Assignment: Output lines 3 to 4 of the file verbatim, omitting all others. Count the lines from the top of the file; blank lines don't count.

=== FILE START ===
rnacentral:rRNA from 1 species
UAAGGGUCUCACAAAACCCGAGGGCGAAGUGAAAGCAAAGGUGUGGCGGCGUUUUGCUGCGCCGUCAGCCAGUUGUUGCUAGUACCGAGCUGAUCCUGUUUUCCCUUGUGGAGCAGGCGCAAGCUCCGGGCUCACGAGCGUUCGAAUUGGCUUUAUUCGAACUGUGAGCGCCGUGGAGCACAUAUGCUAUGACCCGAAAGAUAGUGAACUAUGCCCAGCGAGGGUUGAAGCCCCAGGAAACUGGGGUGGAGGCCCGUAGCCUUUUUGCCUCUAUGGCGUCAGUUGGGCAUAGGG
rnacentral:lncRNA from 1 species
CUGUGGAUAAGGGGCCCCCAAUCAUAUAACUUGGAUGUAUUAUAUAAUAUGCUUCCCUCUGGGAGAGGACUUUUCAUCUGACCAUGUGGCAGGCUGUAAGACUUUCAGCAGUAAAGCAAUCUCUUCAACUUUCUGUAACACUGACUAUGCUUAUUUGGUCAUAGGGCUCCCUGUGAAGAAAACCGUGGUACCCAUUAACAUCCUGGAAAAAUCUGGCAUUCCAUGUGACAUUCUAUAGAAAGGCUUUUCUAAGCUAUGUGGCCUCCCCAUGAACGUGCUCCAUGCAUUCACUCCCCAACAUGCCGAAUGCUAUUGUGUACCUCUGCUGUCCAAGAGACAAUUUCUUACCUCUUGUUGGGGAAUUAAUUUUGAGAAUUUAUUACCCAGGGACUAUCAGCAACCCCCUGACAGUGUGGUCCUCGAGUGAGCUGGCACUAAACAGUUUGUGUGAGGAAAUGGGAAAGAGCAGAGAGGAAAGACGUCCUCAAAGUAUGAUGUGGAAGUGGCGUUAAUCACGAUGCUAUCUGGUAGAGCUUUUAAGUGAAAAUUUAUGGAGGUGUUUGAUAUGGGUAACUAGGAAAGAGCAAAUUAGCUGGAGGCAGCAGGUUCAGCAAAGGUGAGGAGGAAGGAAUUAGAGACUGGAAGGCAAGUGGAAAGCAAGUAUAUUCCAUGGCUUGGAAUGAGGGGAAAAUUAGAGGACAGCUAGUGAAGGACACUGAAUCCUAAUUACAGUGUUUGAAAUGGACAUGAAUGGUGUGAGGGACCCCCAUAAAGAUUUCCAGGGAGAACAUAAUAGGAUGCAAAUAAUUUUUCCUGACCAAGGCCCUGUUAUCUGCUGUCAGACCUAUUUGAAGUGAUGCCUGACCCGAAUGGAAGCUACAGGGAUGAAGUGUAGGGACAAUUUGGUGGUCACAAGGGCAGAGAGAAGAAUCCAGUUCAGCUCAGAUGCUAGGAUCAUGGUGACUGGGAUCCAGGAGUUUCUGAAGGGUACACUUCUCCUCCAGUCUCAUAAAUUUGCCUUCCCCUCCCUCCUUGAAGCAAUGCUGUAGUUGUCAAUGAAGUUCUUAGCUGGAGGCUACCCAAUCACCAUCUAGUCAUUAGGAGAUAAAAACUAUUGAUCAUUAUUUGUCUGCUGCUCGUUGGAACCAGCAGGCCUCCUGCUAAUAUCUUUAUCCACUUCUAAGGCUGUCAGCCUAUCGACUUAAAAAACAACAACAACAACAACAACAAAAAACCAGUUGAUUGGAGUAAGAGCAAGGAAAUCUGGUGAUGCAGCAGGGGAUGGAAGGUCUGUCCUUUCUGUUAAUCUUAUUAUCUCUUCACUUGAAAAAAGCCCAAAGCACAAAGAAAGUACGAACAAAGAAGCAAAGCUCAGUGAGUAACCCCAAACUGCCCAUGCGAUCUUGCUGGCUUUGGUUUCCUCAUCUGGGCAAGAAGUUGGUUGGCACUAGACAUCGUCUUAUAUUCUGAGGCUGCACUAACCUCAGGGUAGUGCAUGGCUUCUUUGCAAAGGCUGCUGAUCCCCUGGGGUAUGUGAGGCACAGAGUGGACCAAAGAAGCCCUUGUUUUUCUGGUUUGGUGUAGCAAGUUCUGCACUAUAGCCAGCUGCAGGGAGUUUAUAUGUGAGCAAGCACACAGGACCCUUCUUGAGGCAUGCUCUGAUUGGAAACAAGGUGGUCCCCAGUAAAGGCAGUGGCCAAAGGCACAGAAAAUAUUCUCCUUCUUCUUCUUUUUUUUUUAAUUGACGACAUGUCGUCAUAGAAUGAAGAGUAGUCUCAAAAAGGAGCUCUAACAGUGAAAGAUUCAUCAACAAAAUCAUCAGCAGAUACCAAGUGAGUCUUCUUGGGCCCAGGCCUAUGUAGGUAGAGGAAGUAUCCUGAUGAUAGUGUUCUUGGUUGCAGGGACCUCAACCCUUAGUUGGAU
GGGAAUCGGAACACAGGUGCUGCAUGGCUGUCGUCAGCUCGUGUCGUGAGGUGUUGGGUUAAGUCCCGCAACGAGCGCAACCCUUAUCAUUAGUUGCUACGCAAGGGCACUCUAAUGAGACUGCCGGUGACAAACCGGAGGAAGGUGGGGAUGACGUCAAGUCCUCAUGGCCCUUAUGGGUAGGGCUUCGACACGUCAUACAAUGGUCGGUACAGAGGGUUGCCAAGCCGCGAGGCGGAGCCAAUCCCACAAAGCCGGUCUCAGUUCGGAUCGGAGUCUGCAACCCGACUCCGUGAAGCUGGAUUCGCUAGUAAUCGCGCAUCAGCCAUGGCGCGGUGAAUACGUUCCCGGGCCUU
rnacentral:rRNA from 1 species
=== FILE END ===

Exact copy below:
rnacentral:lncRNA from 1 species
CUGUGGAUAAGGGGCCCCCAAUCAUAUAACUUGGAUGUAUUAUAUAAUAUGCUUCCCUCUGGGAGAGGACUUUUCAUCUGACCAUGUGGCAGGCUGUAAGACUUUCAGCAGUAAAGCAAUCUCUUCAACUUUCUGUAACACUGACUAUGCUUAUUUGGUCAUAGGGCUCCCUGUGAAGAAAACCGUGGUACCCAUUAACAUCCUGGAAAAAUCUGGCAUUCCAUGUGACAUUCUAUAGAAAGGCUUUUCUAAGCUAUGUGGCCUCCCCAUGAACGUGCUCCAUGCAUUCACUCCCCAACAUGCCGAAUGCUAUUGUGUACCUCUGCUGUCCAAGAGACAAUUUCUUACCUCUUGUUGGGGAAUUAAUUUUGAGAAUUUAUUACCCAGGGACUAUCAGCAACCCCCUGACAGUGUGGUCCUCGAGUGAGCUGGCACUAAACAGUUUGUGUGAGGAAAUGGGAAAGAGCAGAGAGGAAAGACGUCCUCAAAGUAUGAUGUGGAAGUGGCGUUAAUCACGAUGCUAUCUGGUAGAGCUUUUAAGUGAAAAUUUAUGGAGGUGUUUGAUAUGGGUAACUAGGAAAGAGCAAAUUAGCUGGAGGCAGCAGGUUCAGCAAAGGUGAGGAGGAAGGAAUUAGAGACUGGAAGGCAAGUGGAAAGCAAGUAUAUUCCAUGGCUUGGAAUGAGGGGAAAAUUAGAGGACAGCUAGUGAAGGACACUGAAUCCUAAUUACAGUGUUUGAAAUGGACAUGAAUGGUGUGAGGGACCCCCAUAAAGAUUUCCAGGGAGAACAUAAUAGGAUGCAAAUAAUUUUUCCUGACCAAGGCCCUGUUAUCUGCUGUCAGACCUAUUUGAAGUGAUGCCUGACCCGAAUGGAAGCUACAGGGAUGAAGUGUAGGGACAAUUUGGUGGUCACAAGGGCAGAGAGAAGAAUCCAGUUCAGCUCAGAUGCUAGGAUCAUGGUGACUGGGAUCCAGGAGUUUCUGAAGGGUACACUUCUCCUCCAGUCUCAUAAAUUUGCCUUCCCCUCCCUCCUUGAAGCAAUGCUGUAGUUGUCAAUGAAGUUCUUAGCUGGAGGCUACCCAAUCACCAUCUAGUCAUUAGGAGAUAAAAACUAUUGAUCAUUAUUUGUCUGCUGCUCGUUGGAACCAGCAGGCCUCCUGCUAAUAUCUUUAUCCACUUCUAAGGCUGUCAGCCUAUCGACUUAAAAAACAACAACAACAACAACAACAAAAAACCAGUUGAUUGGAGUAAGAGCAAGGAAAUCUGGUGAUGCAGCAGGGGAUGGAAGGUCUGUCCUUUCUGUUAAUCUUAUUAUCUCUUCACUUGAAAAAAGCCCAAAGCACAAAGAAAGUACGAACAAAGAAGCAAAGCUCAGUGAGUAACCCCAAACUGCCCAUGCGAUCUUGCUGGCUUUGGUUUCCUCAUCUGGGCAAGAAGUUGGUUGGCACUAGACAUCGUCUUAUAUUCUGAGGCUGCACUAACCUCAGGGUAGUGCAUGGCUUCUUUGCAAAGGCUGCUGAUCCCCUGGGGUAUGUGAGGCACAGAGUGGACCAAAGAAGCCCUUGUUUUUCUGGUUUGGUGUAGCAAGUUCUGCACUAUAGCCAGCUGCAGGGAGUUUAUAUGUGAGCAAGCACACAGGACCCUUCUUGAGGCAUGCUCUGAUUGGAAACAAGGUGGUCCCCAGUAAAGGCAGUGGCCAAAGGCACAGAAAAUAUUCUCCUUCUUCUUCUUUUUUUUUUAAUUGACGACAUGUCGUCAUAGAAUGAAGAGUAGUCUCAAAAAGGAGCUCUAACAGUGAAAGAUUCAUCAACAAAAUCAUCAGCAGAUACCAAGUGAGUCUUCUUGGGCCCAGGCCUAUGUAGGUAGAGGAAGUAUCCUGAUGAUAGUGUUCUUGGUUGCAGGGACCUCAACCCUUAGUUGGAU